New UC Davis Center Paves the Way for Rock Dust Research

  • Tractor applying rock dust to a field

If the world were to judge soil remineralization based on what could happen, rock dust amendments might already be standard procedure for the world’s farmers. The potential to use rock dust as a carbon storage tactic for climate change mitigation is well known in the scientific community, in addition to its ability to improve agricultural yields and soil health. Benefits like these are enough to make any policymaker or farmer at least consider the use of soil amendment programs, but expectations alone are not adequate to persuade any party to go “all in.”

Stakeholders include farmers, ranchers, politicians, business owners, and everyday citizens, and all need assurances in the form of comprehensive experiments, hard numbers and promising data sets before any large scale implementation can be arranged. They need to know what financial obligations to expect, any side effects caused by remineralization, and the specific and varying levels of benefit that can be expected from doing so at scale. As is a commonly frustrating but necessary reality for environmental solutions, their adoption must rely on sound scientific understanding and cost-effective strategy, and these concerns have been left relatively unexplored by scientific research in the past. However, faculty at the University of California are changing this narrative.

An expanse of basalt rock. Buried within may be the secret to increased crop yields, more nutritious foods, and affordable carbon sequestration.

The University is currently carrying out several remineralization studies across multiple campuses that they hope will deliver a more holistic understanding of California soils’ carbon storage potential, and may validate the efficacy of using rock dust to combat climate change and soil degradation. Their keystone project will focus on carbon storage potential and effects on plant growth in California croplands, while other projects will explore effects of different soil components, modeling improvements and performing a thorough cost-benefit analysis. Where previous research has focused mainly on the physical and chemical processes of soil remineralization, the team at UC Davis plans to explore financial impacts, scalability, and the varying levels of benefit for different climates and soils. In short, their work aims to map out the “Yellow Brick Road” piece by piece rather than merely claiming that the road exists in the first place. With this approach, researchers can transcend the scientific community’s current understanding of rock dust to manifest a plan for realistic implementation in the future.

Experiments and Methodology

Given that one quarter of annual global carbon emissions come from agriculture and forestry, it’s only natural that UC Davis staff would devote resources to improving agriculture’s footprint. Under the Working Lands Innovation Center at UC Davis, teams of researchers are doing just that. The “WLIC,” as it’s known around campus, “aims to catalyze negative carbon emissions by deploying soil amendment technologies at multi-acre scales in partnership with California researchers, state agencies, industry, farmers, ranchers, tribes, and small business development.” Their work largely revolves around revolutionizing agricultural production in terms of efficiency and minimal carbon footprint; aims that the group believes can be achieved by means of basaltic rock remineralization.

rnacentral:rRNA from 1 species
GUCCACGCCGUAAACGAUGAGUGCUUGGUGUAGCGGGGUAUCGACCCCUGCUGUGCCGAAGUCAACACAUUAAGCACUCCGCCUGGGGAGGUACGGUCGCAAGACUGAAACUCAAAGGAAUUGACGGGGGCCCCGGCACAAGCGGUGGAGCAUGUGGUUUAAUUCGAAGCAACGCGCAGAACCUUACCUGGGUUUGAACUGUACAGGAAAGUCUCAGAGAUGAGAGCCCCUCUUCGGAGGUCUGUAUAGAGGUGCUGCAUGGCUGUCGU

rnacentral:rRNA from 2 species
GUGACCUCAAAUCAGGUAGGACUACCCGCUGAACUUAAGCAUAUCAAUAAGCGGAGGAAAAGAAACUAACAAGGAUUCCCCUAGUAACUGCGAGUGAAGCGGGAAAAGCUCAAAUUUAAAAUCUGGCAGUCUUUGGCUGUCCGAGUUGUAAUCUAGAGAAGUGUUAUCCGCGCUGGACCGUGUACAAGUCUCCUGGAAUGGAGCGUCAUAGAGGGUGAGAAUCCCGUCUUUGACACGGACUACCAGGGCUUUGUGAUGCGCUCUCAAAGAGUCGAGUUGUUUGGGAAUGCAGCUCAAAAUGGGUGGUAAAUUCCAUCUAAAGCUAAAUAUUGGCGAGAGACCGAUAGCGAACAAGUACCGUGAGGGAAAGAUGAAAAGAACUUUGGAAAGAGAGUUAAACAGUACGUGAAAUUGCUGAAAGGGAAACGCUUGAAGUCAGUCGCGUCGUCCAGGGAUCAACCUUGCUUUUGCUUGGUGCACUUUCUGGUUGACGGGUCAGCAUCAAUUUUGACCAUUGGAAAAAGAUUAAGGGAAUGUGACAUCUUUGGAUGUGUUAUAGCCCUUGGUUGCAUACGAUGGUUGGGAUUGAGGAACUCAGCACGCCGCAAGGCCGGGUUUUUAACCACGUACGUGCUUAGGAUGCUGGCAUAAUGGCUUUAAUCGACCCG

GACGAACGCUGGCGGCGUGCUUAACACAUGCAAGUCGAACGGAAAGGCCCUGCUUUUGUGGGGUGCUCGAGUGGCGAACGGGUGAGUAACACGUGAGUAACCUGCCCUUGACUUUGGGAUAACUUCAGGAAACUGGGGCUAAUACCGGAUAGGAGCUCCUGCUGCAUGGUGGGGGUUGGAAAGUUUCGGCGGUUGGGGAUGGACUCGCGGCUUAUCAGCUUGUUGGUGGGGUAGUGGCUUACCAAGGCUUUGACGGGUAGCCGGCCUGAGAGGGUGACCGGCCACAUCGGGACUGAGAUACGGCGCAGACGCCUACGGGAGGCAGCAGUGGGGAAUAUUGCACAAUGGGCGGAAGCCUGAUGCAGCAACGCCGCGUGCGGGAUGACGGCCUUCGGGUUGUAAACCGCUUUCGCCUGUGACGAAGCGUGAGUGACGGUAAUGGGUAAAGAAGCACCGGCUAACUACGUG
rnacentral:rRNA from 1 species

Los Banos Cropland Study

The Houlton Lab, a subordinate of the WLIC, is in the midst of completing a sizable farming experiment that will compare and contrast impacts on remineralized lands with sub-divisions of land that received no rock dust, acting as the control group. The study will quantitatively illustrate what benefits California stands to gain from employing methods of remineralization, specifically those related to sequestration and crop yields. The remineralized sections of the farm, located in Los Banos, California, received about 16 tons of rock dust per acre last year. The rock dust is mostly metabasalt, a variety high in iron, zinc, and potassium that delivers elements necessary for healthy plant growth. Metabasalt supplies additional nutrients compared with artificial NPK fertilizers, and they require less fossil fuel to produce. These rocks break down by natural weathering processes that release trace elements back into the soil. There, the elements react and bond with carbon dioxide molecules to form carbonate and bicarbonate rock, removing greenhouse gases from the atmosphere and storing them in a solid form in our soils.

Corn grown at the Los Banos Farm using rock dust, compost, and biochar. Early results look more than promising. Photo from

Additionally, a sub-experiment within the overall project will observe differences in the application of rock dust to organic soils versus conventional soils, as well as benefits for corn fields versus those observed in alfalfa fields. In this sense, the terms “organic” and “conventional” refer to fields that have been fertilized using natural amendments like compost as opposed to those maintained using artificial fertilizers, respectively. Corn and alfalfa plants were used given their popularity and applicability to a broad range of global landscapes and climates.

Researchers will also be tracking water retention rates, biomass growth benefits and conducting a cost-benefit analysis to understand feasibility for farmers. Plots will be divided, maintained, and monitored for more than a year’s time to observe growth characteristics and measure other changes in the land.